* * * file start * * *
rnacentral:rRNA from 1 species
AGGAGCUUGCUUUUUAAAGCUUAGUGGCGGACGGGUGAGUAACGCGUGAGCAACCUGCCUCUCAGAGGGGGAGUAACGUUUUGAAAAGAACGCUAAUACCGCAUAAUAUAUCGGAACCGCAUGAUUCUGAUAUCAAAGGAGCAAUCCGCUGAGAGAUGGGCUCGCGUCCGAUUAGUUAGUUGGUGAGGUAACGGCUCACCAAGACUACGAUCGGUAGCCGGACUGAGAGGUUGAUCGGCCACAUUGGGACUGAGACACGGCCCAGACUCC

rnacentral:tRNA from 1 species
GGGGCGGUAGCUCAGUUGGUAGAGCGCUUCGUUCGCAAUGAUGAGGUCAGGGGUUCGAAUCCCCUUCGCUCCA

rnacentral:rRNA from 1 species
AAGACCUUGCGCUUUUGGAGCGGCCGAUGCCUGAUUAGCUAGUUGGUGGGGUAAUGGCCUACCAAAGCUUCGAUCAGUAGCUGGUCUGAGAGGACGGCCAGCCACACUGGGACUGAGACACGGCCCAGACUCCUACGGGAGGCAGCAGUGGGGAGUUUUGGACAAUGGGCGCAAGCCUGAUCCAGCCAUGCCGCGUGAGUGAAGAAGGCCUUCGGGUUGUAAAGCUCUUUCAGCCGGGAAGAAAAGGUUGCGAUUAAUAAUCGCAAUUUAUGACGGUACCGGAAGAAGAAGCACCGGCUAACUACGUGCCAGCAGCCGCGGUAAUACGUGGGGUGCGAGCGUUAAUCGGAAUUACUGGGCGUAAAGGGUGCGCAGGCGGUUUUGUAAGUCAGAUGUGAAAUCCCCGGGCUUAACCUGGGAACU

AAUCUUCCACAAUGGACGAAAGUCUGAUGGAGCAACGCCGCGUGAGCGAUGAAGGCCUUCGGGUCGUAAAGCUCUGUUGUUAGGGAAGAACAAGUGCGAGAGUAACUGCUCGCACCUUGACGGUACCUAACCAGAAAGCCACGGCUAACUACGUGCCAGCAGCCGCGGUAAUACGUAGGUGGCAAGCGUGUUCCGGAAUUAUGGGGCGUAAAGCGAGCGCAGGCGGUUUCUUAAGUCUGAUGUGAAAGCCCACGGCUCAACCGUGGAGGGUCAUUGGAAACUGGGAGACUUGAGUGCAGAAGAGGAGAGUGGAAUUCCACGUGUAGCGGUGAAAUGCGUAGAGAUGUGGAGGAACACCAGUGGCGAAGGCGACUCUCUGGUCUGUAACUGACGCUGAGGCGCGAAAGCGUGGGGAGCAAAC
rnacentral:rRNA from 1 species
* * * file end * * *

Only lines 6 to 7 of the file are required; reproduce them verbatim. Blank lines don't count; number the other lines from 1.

AAGACCUUGCGCUUUUGGAGCGGCCGAUGCCUGAUUAGCUAGUUGGUGGGGUAAUGGCCUACCAAAGCUUCGAUCAGUAGCUGGUCUGAGAGGACGGCCAGCCACACUGGGACUGAGACACGGCCCAGACUCCUACGGGAGGCAGCAGUGGGGAGUUUUGGACAAUGGGCGCAAGCCUGAUCCAGCCAUGCCGCGUGAGUGAAGAAGGCCUUCGGGUUGUAAAGCUCUUUCAGCCGGGAAGAAAAGGUUGCGAUUAAUAAUCGCAAUUUAUGACGGUACCGGAAGAAGAAGCACCGGCUAACUACGUGCCAGCAGCCGCGGUAAUACGUGGGGUGCGAGCGUUAAUCGGAAUUACUGGGCGUAAAGGGUGCGCAGGCGGUUUUGUAAGUCAGAUGUGAAAUCCCCGGGCUUAACCUGGGAACU

AAUCUUCCACAAUGGACGAAAGUCUGAUGGAGCAACGCCGCGUGAGCGAUGAAGGCCUUCGGGUCGUAAAGCUCUGUUGUUAGGGAAGAACAAGUGCGAGAGUAACUGCUCGCACCUUGACGGUACCUAACCAGAAAGCCACGGCUAACUACGUGCCAGCAGCCGCGGUAAUACGUAGGUGGCAAGCGUGUUCCGGAAUUAUGGGGCGUAAAGCGAGCGCAGGCGGUUUCUUAAGUCUGAUGUGAAAGCCCACGGCUCAACCGUGGAGGGUCAUUGGAAACUGGGAGACUUGAGUGCAGAAGAGGAGAGUGGAAUUCCACGUGUAGCGGUGAAAUGCGUAGAGAUGUGGAGGAACACCAGUGGCGAAGGCGACUCUCUGGUCUGUAACUGACGCUGAGGCGCGAAAGCGUGGGGAGCAAAC